# How to Create a Bland-Altman Plot in R (Step-by-Step)

A Bland-Altman plot is used to visualize the differences in measurements between two different instruments or two different measurement techniques.

It’s useful for determining how similar two instruments or techniques are at measuring the same construct.

This tutorial provides a step-by-step example of how to create a Bland-Altman plot in R.

### Step 1: Create the Data

Suppose a biologist uses two different instruments (A and B) to measure the weight of the same set of 20 different frogs, in grams.

We’ll create the following data frame in R that represents the weight of each frog, as measured by each instrument:

```#create data
df <- data.frame(A=c(5, 5, 5, 6, 6, 7, 7, 7, 8, 8, 9,
10, 11, 13, 14, 14, 15, 18, 22, 25),
B=c(4, 4, 5, 5, 5, 7, 8, 6, 9, 7, 7, 11,
13, 13, 12, 13, 14, 19, 19, 24))

#view first six rows of data

A B
1 5 4
2 5 4
3 5 5
4 6 5
5 6 5
6 7 7```

### Step 2: Calculate the Difference in Measurements

Next, we’ll create two new columns in the data frame that contain the average measurement for each frog along with the difference in measurements:

```#create new column for average measurement
df\$avg <- rowMeans(df)

#create new column for difference in measurements
df\$diff <- df\$A - df\$B

#view first six rows of data

A B avg diff
1 5 4 4.5    1
2 5 4 4.5    1
3 5 5 5.0    0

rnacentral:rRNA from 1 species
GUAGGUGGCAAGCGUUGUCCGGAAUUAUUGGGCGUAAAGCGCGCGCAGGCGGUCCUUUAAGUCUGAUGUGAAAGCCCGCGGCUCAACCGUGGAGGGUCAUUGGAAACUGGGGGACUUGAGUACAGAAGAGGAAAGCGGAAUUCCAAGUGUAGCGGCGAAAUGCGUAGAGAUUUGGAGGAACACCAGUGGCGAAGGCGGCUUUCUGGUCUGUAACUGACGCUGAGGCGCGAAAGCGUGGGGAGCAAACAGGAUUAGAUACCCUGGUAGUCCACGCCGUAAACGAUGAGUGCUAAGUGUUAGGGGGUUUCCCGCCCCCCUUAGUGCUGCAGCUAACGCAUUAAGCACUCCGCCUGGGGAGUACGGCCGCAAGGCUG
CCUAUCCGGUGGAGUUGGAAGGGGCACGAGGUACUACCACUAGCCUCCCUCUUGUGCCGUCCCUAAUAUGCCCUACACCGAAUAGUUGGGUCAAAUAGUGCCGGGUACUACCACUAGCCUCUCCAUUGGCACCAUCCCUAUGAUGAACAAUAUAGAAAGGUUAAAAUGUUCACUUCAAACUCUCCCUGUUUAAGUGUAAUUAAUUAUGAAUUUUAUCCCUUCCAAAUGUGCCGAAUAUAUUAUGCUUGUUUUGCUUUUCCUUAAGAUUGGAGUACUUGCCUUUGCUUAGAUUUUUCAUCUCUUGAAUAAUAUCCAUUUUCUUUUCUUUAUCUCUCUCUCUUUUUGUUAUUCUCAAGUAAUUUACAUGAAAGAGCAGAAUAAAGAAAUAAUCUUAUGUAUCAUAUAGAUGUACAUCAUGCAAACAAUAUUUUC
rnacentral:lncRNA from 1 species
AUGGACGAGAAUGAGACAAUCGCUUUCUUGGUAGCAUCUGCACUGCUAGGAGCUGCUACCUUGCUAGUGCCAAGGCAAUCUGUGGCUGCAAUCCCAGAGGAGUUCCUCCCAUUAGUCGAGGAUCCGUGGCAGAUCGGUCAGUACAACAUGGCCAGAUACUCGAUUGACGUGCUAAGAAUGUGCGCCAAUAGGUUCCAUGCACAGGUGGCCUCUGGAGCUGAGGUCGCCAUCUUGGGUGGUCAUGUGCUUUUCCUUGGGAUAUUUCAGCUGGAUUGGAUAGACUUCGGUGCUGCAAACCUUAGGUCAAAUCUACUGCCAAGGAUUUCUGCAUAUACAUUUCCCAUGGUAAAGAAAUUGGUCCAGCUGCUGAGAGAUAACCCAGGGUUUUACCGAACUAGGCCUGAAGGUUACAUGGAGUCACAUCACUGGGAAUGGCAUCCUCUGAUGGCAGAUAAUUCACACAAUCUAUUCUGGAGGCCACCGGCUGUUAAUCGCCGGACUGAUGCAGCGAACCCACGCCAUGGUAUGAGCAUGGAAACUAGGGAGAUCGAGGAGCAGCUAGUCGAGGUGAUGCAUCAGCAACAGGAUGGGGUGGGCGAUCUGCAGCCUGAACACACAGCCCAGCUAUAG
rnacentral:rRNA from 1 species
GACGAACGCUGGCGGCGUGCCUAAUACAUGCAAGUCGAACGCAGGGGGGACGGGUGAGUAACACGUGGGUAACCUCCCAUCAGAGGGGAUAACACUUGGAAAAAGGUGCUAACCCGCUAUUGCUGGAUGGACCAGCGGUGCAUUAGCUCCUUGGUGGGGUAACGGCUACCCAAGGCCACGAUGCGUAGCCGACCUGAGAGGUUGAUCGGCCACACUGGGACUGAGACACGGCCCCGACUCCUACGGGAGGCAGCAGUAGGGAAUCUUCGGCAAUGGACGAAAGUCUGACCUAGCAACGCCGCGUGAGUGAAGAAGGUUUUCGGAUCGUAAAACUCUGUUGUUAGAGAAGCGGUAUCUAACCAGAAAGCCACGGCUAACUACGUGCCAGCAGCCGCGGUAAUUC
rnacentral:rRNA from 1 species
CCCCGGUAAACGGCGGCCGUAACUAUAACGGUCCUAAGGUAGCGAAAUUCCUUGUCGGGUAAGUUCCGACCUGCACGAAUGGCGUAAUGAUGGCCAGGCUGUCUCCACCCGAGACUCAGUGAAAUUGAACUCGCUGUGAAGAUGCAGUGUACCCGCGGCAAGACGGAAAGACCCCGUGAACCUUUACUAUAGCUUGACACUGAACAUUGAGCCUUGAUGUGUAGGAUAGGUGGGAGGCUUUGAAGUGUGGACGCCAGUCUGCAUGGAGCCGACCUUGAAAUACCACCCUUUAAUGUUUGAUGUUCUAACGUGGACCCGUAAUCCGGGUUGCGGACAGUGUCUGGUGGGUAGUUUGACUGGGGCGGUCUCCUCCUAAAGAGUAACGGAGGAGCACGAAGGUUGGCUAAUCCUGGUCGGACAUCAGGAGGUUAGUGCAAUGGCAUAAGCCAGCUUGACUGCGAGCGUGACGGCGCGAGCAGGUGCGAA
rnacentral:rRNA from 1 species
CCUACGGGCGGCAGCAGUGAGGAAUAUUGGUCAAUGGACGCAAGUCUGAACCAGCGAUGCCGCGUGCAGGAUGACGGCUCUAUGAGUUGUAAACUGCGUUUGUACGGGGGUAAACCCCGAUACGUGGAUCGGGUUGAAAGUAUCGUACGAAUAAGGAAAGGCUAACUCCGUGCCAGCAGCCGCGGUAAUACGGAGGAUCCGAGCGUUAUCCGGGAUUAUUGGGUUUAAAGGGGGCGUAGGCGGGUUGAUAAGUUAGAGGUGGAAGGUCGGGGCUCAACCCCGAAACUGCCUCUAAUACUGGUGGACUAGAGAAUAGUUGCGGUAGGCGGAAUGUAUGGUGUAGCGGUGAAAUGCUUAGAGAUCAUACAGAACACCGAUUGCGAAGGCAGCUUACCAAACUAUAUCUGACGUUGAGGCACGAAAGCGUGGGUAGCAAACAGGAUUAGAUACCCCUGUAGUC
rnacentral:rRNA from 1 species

4 6 5 5.5    1
5 6 5 5.5    1
6 7 7 7.0    0
```

### Step 3: Calculate the Average Difference & Confidence Interval

Next, we’ll calculate the average difference in measurements between the two instruments along with the upper and lower 95% confidence interval limits for the average difference:

```#find average difference
mean_diff <- mean(df\$diff)

mean_diff

 0.5

#find lower 95% confidence interval limits
lower <- mean_diff - 1.96*sd(df\$diff)

lower

 -1.921465

#find upper 95% confidence interval limits
upper <- mean_diff + 1.96*sd(df\$diff)

upper

 2.921465
```

The average difference turns out to be 0.5 and the 95% confidence interval for the average difference is [-1.921, 2.921].

### Step 4: Create the Bland-Altman Plot

Next, we’ll use the following code to create a Bland-Altman plot using the ggplot2 data visualization package:

```#load ggplot2
library(ggplot2)

#create Bland-Altman plot
ggplot(df, aes(x = avg, y = diff)) +
geom_point(size=2) +
geom_hline(yintercept = mean_diff) +
geom_hline(yintercept = lower, color = "red", linetype="dashed") +
geom_hline(yintercept = upper, color = "red", linetype="dashed") +
ggtitle("Bland-Altman Plot") +
ylab("Difference Between Measurements") +
xlab("Average Measurement")``` The x-axis of the plot displays the average measurement of the two instruments and the y-axis displays the difference in measurements between the two instruments.

The black line represents the average difference in measurements between the two instruments while the two red dashed lines represent the 95% confidence interval limits for the average difference.